Florida Taxpayers Are Funding Charters Schools That Downplay Slavery and Deny Evolution

After learning of the questionable curricula in some Florida charter schools, education experts took a critical look at the teaching materials used by teachers. What they found is, at best, shocking — and at worst, the roots of a possible scandal.

Based on information in textbooks sourced from three Christian publishers, investigators found that students were being taught that humans lived alongside dinosaurs, that slavery wasn’t so bad if one had faith in Christ, that God intervened to prevent Catholics from dominating North America and many more curious “facts.”

The experts who examined these textbooks noted that they were filled with numerous egregious historical and factual errors. Before the Civil War broke out, one claims, “most black and white southerners had long lived together in harmony” and in reality the conflict was merely a struggle among power elites.

The textbooks’ authors rarely shied away from editorializing, too. In one odd instance, a section discusses the pitfalls of the Endangered Species Act – arguably one of the most important conservation laws ever passed — which was apparently designed as part of a “radical social agenda.”

Naturally, the textbooks include other popular evangelical talking points, like abortion, climate change, Native American genocide, the folly of Catholicism and more.

Perhaps just alarming as these blatant attempts at inculcating young minds into fundamentalist Christianity is the finding that students are left with very little academic challenge between these moralizing lessons. One third grade workbook, for example, featured an exercise in which students were instructed to correctly identify an illustration of an apple from two images — something that would hardly challenge a first grade student.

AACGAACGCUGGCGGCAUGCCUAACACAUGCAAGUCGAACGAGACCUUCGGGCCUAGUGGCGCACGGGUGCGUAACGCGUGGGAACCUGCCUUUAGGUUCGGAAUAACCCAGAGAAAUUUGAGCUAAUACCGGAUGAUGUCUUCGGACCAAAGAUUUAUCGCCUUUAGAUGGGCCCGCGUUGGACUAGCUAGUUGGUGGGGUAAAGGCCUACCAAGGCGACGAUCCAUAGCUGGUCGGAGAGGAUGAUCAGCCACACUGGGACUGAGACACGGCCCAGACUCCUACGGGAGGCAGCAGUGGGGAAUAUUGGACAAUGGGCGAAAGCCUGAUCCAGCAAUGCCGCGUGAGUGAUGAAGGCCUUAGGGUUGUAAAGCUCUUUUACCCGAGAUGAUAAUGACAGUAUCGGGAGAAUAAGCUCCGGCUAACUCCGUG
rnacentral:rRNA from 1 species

Private schools that teach from a faith-based curriculum are nothing new. However, these charter schools are not wholly privately funded. In fact, Florida taxpayers pay roughly $1 billion each year to prop up schools that teach from these fundamentalist Christian texts. By any measure, this is a blatant and gross violation of the First Amendment mandate that bars the government from giving any religion preferential treatment — or the “separation of church and state,” as it is somewhat erroneously known.

What’s truly worthy of attention is the creative way in which these charter schools have — so far — successfully managed to sidestep the First Amendment. Currently, it works as follows: A student from a public school applies for a scholarship from a private donor; the chosen recipient must then attend a Christian charter school. And the process is completely legal.

However, the rub comes thanks Florida tax law, which allows these private donors to then either deduct the amount spent on scholarships or even receive full reimbursement.

In other words, conservative Florida lawmakers have put together a circuitous system of funneling taxpayer dollars to private, fundamentally religious schools while providing a thin veneer of legality. From the tax code to the donors to the dolling out of scholarships, this is all quite deliberate. And this sort of scheme might be coming to your state soon, if it hasn’t already.

Secretary of Education Betsy DeVos has drawn heat for her pro-voucher agenda, which would effectively replicate what’s happening in Florida’s charter schools but on a larger, broader scale — all while cutting out the donor middleman. This is more-or-less already the case in 15 states.